Friday the 13th 3_1.jpg

Studio:       Paramount Pictures
Director:    Steve Miner
Writer:       Martin Kitrosser, Carol Watson
Producer:  Frank Mancuso, Jr.
Stars:     Dana Kimmell, Paul Kratka, Tracie Savage, Jeffrey Rogers, Catherine Parks, Larry Zerner, David Katims, Rachel Howard, Richard Brooker

Review Score



Relocated to the Higgins Haven campsite, Jason Voorhees continues his deadly rampage on a new group of teenagers. 



At a mini-marathon screening of the first four “Friday the 13th” movies in Santa Monica’s Aero Theater on September 13, 2013, “Jason X” screenwriter Todd Farmer mentioned that “Friday the 13th” was his favorite horror film franchise because “they are all different.”  He elaborated by running through each series entry one by one and pointing out what made each film unique.  For the original, it was Mrs. Voorhees being the killer.  For the first sequel, it was the switch to Jason.  Receiving the hockey mask set apart the third movie, while the introduction of Tommy Jarvis separated the fourth.

All due respect to Todd Farmer, but none of those things make the movies different from each other.  In fact, a counterargument can be made that the first three “Friday the 13th” movies specifically are nearly identical.  “Part 2” and its predecessor swap mother and son as the antagonists.  Otherwise, they are both uncomplicated scripts about the butchering of teenagers coupling up at a summer camp.  Concerned lawmen, a cryptic warning from the town loony, and a strained relationship between the leading lady and the head counselor all see themselves mirrored.  Both films even climax in similar ways, with the Final Girl experiencing a dream sequence that leaves the ending purposefully vague and unresolved.

Yet it is “Friday the 13th Part III” that is the biggest offender when it comes to borrowing from what came before by recycling several kills and miscellaneous moments sometimes shot for shot.  A few examples include: the killer grabbing the victim from beneath the bed and puncturing a pointed object through the chest, tossing a body through a cabin window while the Final Girl tries to hide, and the heroine’s escape being impeded by the well timed swing of a body hanging upside down from a tree.  Each final reel also includes an extended chase that culminates in the killer taking an ax to a door while in hot pursuit.  Things go so far that “Part 3” can be viewed as a remake of the first film, reestablishing the series on the footpath it would follow in subsequent films with Jason in his most familiar appearance committing mass murder on teenagers without things like soul transferring slugs and spaceships standing in his way.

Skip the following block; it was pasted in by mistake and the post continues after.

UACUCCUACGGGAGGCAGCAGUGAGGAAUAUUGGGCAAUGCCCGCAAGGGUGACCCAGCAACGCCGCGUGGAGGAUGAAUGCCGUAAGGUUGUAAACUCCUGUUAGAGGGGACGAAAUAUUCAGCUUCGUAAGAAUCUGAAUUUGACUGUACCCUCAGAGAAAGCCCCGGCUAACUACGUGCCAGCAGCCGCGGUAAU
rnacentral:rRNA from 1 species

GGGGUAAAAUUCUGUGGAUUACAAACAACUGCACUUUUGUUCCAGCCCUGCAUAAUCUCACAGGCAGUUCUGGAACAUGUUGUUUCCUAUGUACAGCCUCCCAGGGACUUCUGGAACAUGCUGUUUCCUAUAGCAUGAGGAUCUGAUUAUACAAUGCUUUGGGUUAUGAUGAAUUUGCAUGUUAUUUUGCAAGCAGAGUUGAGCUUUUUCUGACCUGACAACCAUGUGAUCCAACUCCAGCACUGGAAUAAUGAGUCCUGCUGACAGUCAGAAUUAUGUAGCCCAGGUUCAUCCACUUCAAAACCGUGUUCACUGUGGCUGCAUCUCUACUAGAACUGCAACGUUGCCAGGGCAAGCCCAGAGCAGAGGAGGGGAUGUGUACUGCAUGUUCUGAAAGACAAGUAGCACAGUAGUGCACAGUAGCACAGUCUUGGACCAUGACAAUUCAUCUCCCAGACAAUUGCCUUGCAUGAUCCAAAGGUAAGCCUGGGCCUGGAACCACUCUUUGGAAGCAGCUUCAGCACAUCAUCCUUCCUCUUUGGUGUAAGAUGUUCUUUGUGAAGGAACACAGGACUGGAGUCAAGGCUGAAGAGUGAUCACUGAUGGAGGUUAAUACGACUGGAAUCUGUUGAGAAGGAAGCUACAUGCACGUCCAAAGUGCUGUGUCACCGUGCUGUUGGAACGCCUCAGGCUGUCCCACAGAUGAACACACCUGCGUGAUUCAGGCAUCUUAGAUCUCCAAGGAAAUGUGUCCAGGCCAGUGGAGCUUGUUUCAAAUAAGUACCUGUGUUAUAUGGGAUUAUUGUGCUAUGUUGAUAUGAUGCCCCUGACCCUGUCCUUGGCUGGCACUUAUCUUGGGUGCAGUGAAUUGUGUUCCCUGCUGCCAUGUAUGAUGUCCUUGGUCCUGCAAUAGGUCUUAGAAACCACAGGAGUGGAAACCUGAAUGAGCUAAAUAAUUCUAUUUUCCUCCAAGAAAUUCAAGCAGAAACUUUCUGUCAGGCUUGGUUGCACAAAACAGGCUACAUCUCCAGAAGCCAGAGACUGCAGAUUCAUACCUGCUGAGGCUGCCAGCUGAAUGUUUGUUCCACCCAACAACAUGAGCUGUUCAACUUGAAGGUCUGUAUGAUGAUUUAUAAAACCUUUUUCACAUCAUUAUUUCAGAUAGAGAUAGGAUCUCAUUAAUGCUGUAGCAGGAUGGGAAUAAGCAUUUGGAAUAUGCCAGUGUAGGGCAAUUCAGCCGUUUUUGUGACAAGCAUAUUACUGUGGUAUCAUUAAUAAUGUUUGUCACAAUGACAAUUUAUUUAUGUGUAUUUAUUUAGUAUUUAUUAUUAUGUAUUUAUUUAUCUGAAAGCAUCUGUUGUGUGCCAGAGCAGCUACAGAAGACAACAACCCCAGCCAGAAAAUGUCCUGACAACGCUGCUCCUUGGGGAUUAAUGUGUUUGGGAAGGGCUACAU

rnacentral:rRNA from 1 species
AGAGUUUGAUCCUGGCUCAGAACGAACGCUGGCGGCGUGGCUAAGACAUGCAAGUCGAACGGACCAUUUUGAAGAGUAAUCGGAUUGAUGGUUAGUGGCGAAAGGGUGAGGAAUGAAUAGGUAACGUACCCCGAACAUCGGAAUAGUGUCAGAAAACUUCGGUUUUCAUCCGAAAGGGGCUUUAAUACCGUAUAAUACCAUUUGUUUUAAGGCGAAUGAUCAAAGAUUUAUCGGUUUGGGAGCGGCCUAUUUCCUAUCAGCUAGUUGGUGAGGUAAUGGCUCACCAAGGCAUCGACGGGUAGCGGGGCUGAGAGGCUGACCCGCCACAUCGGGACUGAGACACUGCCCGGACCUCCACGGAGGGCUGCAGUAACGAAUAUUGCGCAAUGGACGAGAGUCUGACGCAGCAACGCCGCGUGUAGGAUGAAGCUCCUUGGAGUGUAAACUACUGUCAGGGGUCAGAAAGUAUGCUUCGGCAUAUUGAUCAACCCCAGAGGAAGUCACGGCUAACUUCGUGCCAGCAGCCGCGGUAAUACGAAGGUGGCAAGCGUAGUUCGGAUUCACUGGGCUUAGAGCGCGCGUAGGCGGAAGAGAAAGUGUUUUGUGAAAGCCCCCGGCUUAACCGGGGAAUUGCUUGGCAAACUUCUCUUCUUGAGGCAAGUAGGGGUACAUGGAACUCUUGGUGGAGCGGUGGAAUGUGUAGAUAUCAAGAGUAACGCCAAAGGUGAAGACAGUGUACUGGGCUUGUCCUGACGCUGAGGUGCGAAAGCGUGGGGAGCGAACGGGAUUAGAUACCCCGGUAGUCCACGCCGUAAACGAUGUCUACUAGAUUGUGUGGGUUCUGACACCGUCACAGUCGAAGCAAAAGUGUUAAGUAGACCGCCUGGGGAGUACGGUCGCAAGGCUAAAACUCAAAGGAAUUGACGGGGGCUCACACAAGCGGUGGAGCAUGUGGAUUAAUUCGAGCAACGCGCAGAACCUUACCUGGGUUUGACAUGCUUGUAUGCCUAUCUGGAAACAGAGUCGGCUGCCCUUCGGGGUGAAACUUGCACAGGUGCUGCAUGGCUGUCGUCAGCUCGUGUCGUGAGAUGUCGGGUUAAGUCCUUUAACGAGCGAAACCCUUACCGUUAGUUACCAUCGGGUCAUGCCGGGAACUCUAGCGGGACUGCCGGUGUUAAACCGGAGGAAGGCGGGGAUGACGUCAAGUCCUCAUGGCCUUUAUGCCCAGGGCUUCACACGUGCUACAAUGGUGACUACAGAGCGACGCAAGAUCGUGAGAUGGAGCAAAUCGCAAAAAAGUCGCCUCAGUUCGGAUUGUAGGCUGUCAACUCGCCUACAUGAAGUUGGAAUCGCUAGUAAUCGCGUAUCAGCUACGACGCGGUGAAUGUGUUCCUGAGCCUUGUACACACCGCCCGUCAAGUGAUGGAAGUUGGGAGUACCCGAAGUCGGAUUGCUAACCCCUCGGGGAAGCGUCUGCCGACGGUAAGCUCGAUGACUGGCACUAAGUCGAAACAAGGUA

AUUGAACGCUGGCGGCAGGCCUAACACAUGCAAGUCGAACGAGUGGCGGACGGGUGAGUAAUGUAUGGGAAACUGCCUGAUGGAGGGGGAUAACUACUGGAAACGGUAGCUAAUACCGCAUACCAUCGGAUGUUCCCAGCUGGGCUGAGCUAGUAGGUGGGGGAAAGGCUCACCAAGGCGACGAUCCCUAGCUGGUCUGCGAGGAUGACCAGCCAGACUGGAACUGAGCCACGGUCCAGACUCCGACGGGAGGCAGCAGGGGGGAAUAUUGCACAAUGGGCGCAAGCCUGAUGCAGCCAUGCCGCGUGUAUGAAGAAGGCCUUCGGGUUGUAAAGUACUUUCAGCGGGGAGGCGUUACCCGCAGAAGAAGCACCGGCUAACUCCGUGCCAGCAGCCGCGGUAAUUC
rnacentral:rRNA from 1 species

Similar to the previous two films, only enough plot exists in “Part III” to motivate why the unfortunate victims are in a position to die in the first place.  Aside from Jason’s desire to kill everyone he sees, no one has any real goal in mind to accomplish anything of substance during the hour and a half runtime.  Because the movie was originally shown in 3-D, the purpose of some of that time is solely to give characters a reason for jamming things into the camera lens.

In light of how many elements of the film are derivative, how is it that “Friday the 13th Part III” can be recommended as well as cited as a hallmark entry in the overall franchise?  Because in spite of its structural flaws, “Part III” is perhaps the most quintessential “Friday the 13th” of the series in that it best represents what makes the movies popular with fans.

After a seven-minute recap accompanied by title credits, “Part III” spends another seven minutes setting up the first two kills of characters only seen again when their bodies are being carted away.  With the slovenly appearance of Crystal Lake shopkeeper Harold and his domineering wife Edna shuffling about in a bathrobe and curlers, Jason’s second complete outing kicks off with a more casual vibe than the serious tone of the first two movies.  The most cartoonish disco-era biker gang of all time and a Tommy Chong lookalike add to the complete roster of intentionally light personalities.  For better or for worse, had “Friday the 13th” not curved down this path of more tongue in its cheek, later storylines that took Jason to New York City, into Hell, over to Elm Street, and off planet Earth entirely would never have been possible in a strictly serious universe.

This is the movie where the series first fully realized its true DNA as a slasher with atmosphere fantastical enough that siding with the masked maniac was okay.  More importantly, it was wiling to add fun to its frights.  If at all possible, see the film in 3-D at a revival screening with a live audience and what the film accomplishes will be thoroughly evident.  With Jason’s character and behavior relatively settled at this point, and with the familiar mask finally adorning his face, “Friday the 13th” was free to be more comfortable in its identity and surer of its stride as the saga continued to develop.

There is definitely a sense of déjà vu with the third chapter, in both the kills and in several mundane moments.  But entrenched in its own formula, there is enough blood, enough brutality, enough comedy, and enough “Friday the 13th” to make “Part III” one of the most memorable installments, and the first real benchmark for everything that fans would come to expect from the series.

Review Score:  75